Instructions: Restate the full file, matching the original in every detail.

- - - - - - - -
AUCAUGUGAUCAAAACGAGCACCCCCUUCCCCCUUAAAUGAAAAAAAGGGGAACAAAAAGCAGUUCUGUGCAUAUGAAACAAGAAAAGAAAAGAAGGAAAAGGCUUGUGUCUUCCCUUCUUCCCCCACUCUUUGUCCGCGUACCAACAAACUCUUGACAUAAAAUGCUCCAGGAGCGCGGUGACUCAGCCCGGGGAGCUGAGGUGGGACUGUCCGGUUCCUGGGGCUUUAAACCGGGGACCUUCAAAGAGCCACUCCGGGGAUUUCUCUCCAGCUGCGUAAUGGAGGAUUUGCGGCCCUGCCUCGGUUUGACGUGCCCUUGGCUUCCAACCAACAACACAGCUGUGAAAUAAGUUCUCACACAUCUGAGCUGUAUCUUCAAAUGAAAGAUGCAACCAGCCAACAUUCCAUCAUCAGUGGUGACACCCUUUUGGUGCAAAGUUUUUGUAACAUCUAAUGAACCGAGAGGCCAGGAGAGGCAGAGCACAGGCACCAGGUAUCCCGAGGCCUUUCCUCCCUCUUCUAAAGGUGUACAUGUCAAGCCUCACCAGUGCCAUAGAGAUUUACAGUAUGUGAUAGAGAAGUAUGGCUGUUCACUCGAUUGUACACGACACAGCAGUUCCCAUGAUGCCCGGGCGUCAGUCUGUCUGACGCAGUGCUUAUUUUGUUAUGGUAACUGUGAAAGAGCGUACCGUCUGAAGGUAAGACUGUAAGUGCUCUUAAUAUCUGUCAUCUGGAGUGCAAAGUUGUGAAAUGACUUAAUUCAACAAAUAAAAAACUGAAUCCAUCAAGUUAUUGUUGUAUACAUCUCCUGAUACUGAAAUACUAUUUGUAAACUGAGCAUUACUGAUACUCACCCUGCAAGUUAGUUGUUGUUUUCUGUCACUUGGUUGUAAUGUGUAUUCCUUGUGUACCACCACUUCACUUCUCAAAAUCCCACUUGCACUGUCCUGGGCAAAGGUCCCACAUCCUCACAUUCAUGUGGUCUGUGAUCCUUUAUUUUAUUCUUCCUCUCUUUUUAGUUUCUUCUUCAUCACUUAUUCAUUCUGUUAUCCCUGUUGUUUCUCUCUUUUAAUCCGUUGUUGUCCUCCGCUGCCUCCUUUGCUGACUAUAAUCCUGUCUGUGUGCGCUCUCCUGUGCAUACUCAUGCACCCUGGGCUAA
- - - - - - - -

AUCAUGUGAUCAAAACGAGCACCCCCUUCCCCCUUAAAUGAAAAAAAGGGGAACAAAAAGCAGUUCUGUGCAUAUGAAACAAGAAAAGAAAAGAAGGAAAAGGCUUGUGUCUUCCCUUCUUCCCCCACUCUUUGUCCGCGUACCAACAAACUCUUGACAUAAAAUGCUCCAGGAGCGCGGUGACUCAGCCCGGGGAGCUGAGGUGGGACUGUCCGGUUCCUGGGGCUUUAAACCGGGGACCUUCAAAGAGCCACUCCGGGGAUUUCUCUCCAGCUGCGUAAUGGAGGAUUUGCGGCCCUGCCUCGGUUUGACGUGCCCUUGGCUUCCAACCAACAACACAGCUGUGAAAUAAGUUCUCACACAUCUGAGCUGUAUCUUCAAAUGAAAGAUGCAACCAGCCAACAUUCCAUCAUCAGUGGUGACACCCUUUUGGUGCAAAGUUUUUGUAACAUCUAAUGAACCGAGAGGCCAGGAGAGGCAGAGCACAGGCACCAGGUAUCCCGAGGCCUUUCCUCCCUCUUCUAAAGGUGUACAUGUCAAGCCUCACCAGUGCCAUAGAGAUUUACAGUAUGUGAUAGAGAAGUAUGGCUGUUCACUCGAUUGUACACGACACAGCAGUUCCCAUGAUGCCCGGGCGUCAGUCUGUCUGACGCAGUGCUUAUUUUGUUAUGGUAACUGUGAAAGAGCGUACCGUCUGAAGGUAAGACUGUAAGUGCUCUUAAUAUCUGUCAUCUGGAGUGCAAAGUUGUGAAAUGACUUAAUUCAACAAAUAAAAAACUGAAUCCAUCAAGUUAUUGUUGUAUACAUCUCCUGAUACUGAAAUACUAUUUGUAAACUGAGCAUUACUGAUACUCACCCUGCAAGUUAGUUGUUGUUUUCUGUCACUUGGUUGUAAUGUGUAUUCCUUGUGUACCACCACUUCACUUCUCAAAAUCCCACUUGCACUGUCCUGGGCAAAGGUCCCACAUCCUCACAUUCAUGUGGUCUGUGAUCCUUUAUUUUAUUCUUCCUCUCUUUUUAGUUUCUUCUUCAUCACUUAUUCAUUCUGUUAUCCCUGUUGUUUCUCUCUUUUAAUCCGUUGUUGUCCUCCGCUGCCUCCUUUGCUGACUAUAAUCCUGUCUGUGUGCGCUCUCCUGUGCAUACUCAUGCACCCUGGGCUAA